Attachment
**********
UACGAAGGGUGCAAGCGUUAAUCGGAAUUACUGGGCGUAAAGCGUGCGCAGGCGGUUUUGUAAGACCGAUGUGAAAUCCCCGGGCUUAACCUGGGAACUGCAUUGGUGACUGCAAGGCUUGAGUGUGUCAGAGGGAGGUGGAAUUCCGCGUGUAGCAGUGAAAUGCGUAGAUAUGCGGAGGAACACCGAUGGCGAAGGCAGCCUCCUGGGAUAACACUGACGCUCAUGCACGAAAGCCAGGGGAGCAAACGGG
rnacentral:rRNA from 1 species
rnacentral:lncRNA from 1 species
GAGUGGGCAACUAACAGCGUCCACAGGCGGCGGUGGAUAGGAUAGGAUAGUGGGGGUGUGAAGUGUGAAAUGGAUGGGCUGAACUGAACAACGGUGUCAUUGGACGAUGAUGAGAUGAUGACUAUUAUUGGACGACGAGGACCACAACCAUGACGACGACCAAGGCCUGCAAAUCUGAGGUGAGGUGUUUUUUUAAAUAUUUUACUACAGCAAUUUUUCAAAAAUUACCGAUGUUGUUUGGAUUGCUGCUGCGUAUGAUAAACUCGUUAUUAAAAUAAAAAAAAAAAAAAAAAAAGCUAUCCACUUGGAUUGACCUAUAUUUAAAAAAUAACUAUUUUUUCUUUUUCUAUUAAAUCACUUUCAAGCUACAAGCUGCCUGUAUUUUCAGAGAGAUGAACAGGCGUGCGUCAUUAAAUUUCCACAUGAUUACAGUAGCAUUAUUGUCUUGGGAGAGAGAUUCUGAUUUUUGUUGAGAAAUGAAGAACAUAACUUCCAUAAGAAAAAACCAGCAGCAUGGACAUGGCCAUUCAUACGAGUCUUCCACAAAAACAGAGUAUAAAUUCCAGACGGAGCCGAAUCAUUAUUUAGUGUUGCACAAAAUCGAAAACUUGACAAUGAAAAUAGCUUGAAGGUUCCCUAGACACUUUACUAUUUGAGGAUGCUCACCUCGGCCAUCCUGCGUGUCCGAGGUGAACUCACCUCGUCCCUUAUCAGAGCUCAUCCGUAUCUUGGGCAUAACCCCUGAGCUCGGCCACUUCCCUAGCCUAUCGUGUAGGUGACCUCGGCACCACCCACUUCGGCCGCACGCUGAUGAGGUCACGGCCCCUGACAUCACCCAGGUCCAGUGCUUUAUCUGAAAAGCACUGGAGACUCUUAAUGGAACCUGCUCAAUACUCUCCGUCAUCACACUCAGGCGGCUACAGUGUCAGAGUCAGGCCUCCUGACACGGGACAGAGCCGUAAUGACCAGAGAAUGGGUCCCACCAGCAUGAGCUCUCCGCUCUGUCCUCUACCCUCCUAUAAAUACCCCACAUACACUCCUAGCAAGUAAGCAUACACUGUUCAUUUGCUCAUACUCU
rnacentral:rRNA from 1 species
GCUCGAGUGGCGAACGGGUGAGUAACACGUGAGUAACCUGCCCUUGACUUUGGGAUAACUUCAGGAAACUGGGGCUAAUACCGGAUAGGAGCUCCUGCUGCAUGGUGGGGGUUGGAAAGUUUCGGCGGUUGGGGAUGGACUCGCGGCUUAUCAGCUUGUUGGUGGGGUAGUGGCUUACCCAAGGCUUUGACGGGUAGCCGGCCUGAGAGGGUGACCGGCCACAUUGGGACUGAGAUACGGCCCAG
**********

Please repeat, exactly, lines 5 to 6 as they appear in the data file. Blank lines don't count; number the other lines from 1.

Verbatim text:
rnacentral:rRNA from 1 species
GCUCGAGUGGCGAACGGGUGAGUAACACGUGAGUAACCUGCCCUUGACUUUGGGAUAACUUCAGGAAACUGGGGCUAAUACCGGAUAGGAGCUCCUGCUGCAUGGUGGGGGUUGGAAAGUUUCGGCGGUUGGGGAUGGACUCGCGGCUUAUCAGCUUGUUGGUGGGGUAGUGGCUUACCCAAGGCUUUGACGGGUAGCCGGCCUGAGAGGGUGACCGGCCACAUUGGGACUGAGAUACGGCCCAG